Marriage News Blog
It’s been a busy week, but we have even bigger news coming in just a few days with briefs in the Prop 8 and DOMA cases. Meanwhile, relationship recognition wins Senate votes in Colorado and Illinois, and new marriage initiatives are launching in Texas and Oregon.
Seventy five percent of Americans believe that marriage is a fundamental Constitutional right. That’s according to a new survey from Anzalone Liszt Grove Research. The survey also shows that 83% of Americans believe that marriage equality will be federally recognized in five to ten years. And nearly two thirds believe that marriage equality would not affect them.
And those values will be heading to court this week, on February 21st. That’s when plaintiffs in AFER’s case to overturn Prop 8 will file their brief with the United States Supreme Court. They’ll be urging the court to affirm the Ninth Circuit ruling that Prop 8 is unconstitutional.
We’ll have that brief posted at AFER.org as soon as it’s submitted to the court. We’ll also have an analysis to explain its contents. The next step in the case will be amicus briefs in support of the plaintiffs, then a reply brief from the Proponents, and finally oral argument on March 26. Subscribe on YouTube and at AFER.org to stay up-to-date on all those developments.
The Pentagon will expand access to military benefits for spouses of gay and lesbian service members. The policy change came just a day before President Obama called for equal treatment in his State of the Union address. For now, the expansion is far from comprehensive, and leaves numerous benefits still limited to straight spouses. The new policy will likely go into effect this fall.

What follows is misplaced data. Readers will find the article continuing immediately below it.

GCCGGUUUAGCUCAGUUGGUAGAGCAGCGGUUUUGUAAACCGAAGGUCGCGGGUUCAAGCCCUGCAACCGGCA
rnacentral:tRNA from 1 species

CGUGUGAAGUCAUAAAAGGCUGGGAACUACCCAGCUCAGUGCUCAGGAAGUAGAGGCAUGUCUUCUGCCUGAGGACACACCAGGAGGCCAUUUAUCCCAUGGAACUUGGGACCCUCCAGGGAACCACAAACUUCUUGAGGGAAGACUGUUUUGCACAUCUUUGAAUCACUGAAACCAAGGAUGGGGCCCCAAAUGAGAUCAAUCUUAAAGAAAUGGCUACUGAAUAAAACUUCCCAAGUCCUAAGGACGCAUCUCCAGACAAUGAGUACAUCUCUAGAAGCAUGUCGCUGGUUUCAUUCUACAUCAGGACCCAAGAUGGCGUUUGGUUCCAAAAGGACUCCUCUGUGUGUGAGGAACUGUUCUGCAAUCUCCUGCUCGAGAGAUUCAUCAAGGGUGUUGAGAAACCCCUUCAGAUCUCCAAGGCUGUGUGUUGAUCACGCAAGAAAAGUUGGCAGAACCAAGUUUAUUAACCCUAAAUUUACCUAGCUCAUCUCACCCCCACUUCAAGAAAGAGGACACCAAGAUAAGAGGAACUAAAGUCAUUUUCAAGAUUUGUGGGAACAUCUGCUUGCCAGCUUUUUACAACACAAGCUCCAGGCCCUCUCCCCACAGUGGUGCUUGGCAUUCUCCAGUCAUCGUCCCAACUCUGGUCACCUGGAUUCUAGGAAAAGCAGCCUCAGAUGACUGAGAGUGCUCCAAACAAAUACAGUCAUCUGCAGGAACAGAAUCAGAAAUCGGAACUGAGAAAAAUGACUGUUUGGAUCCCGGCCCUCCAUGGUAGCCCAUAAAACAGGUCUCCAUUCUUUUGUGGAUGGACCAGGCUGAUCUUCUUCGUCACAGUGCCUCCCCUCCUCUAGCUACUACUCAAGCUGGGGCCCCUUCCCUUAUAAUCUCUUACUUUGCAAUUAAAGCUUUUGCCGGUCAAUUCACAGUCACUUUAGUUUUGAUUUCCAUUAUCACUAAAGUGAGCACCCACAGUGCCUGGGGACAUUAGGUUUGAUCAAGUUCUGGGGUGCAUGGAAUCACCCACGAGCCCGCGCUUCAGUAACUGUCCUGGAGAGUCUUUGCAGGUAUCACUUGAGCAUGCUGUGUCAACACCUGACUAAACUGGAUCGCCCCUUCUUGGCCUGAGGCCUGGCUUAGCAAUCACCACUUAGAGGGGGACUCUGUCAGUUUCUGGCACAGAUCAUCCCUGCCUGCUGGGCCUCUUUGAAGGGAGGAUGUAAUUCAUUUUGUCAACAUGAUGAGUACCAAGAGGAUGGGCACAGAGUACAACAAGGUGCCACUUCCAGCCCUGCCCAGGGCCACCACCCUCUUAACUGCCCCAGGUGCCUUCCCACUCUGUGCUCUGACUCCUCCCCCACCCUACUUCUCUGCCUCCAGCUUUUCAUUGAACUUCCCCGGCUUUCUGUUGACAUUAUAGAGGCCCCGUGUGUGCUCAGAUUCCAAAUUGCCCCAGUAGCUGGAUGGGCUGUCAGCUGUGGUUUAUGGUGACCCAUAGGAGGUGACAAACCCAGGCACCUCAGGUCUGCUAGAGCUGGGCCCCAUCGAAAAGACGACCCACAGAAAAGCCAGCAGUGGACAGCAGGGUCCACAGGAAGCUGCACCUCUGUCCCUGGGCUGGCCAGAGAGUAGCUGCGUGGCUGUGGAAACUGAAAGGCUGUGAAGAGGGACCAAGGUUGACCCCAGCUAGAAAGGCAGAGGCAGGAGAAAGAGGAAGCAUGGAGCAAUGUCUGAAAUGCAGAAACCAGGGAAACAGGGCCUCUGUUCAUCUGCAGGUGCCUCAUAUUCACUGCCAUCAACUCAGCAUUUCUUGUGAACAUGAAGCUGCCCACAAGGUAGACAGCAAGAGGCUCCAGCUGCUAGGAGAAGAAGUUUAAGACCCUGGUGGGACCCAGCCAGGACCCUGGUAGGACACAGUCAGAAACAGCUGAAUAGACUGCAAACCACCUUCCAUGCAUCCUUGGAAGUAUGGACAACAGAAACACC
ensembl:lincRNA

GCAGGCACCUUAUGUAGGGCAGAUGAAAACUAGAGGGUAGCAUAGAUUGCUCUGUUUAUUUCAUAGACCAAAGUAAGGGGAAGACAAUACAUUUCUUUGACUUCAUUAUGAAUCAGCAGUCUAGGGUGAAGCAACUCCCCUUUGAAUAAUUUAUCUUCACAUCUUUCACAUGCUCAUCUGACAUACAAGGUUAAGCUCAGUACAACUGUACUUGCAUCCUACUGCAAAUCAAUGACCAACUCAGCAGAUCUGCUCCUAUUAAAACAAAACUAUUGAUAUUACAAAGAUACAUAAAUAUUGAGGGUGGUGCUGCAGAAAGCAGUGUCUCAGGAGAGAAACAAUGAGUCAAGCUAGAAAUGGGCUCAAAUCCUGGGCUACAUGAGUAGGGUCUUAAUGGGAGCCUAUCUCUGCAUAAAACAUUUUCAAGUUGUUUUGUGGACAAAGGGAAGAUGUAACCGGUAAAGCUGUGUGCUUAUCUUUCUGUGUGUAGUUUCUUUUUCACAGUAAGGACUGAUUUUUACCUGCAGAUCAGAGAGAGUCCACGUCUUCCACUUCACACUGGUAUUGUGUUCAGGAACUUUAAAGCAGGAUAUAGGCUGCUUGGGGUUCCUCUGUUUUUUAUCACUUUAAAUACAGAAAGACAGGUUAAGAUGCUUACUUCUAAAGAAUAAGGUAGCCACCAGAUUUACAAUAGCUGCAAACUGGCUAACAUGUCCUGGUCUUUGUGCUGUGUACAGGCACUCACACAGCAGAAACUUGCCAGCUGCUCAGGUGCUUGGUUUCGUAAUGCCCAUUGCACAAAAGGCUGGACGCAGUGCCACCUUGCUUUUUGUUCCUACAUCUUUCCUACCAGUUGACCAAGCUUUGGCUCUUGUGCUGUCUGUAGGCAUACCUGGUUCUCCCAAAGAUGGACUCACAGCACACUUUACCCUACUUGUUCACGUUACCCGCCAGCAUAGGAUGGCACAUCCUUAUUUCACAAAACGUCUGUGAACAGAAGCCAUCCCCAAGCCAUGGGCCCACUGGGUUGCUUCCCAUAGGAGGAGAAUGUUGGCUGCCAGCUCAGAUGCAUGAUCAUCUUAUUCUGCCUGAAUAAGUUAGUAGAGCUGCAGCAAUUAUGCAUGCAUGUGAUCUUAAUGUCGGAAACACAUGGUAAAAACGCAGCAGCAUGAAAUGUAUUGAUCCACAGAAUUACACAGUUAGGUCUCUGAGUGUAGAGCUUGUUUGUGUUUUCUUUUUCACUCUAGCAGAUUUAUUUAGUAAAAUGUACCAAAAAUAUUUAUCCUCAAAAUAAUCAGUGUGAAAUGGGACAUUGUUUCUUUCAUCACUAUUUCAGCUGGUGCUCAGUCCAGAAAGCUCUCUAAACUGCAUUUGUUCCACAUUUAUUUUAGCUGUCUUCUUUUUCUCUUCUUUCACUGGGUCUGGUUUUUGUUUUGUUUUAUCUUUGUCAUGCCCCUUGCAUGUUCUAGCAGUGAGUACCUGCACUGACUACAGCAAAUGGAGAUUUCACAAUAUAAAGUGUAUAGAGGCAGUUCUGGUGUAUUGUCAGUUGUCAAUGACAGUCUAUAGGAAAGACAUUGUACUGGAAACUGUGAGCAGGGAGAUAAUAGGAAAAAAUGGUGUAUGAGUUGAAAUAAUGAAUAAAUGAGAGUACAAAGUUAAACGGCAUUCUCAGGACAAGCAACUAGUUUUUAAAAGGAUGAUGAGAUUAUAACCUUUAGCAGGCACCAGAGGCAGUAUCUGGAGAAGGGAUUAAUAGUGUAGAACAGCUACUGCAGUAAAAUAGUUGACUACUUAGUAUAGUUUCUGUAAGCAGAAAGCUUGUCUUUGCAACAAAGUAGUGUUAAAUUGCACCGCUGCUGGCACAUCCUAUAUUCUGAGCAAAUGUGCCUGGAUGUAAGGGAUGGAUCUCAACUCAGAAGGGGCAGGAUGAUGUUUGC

Couples in Illinois had plenty to celebrate on Valentines Day. The state Senate voted 34 to 21 in favor of marriage equality, sending the bill now to the Democratic-controlled General Assembly. New polling shows public support for marriage at 45.5 percent to 33.6 percent opposed.
And the Senate in Colorado has approved a civil unions bill in a 21 to 14 vote. That bill now moves to the House, where it’s likely to pass, and then to supportive Governor John Hickenlooper.
A lawmaker in Texas has introduced similar legislation. The law, by State Senator Juan Hinojosa, would repeal the state’s Defense of Marriage Act and allow couples to enter into marriage-like civil unions. As in other states, polling is strong: 36% support marriage, 33% support civil unions, and only 25% oppose all relationship recognition.
Meanwhile, organizers in Oregon have moved forward to put marriage on the ballot in 2014. Following several years of public outreach and education, the move is similar to the recent successful strategy in Maine. Polling in Oregon is strong, with 54% support and 40% opposed.
But a marriage bill in Hawaii appears to have stalled for the foreseeable future. The House Judiciary Committee failed to schedule a hearing for the bill, which likely means that it’s off the table until next year. A Public Policy Polling survey from a year ago was close, with support for marriage running 49% to 40%.
Those are the headlines. Remember to subscribe on YouTube and at AFER.org to get the latest news about the upcoming briefs and Supreme Court argument.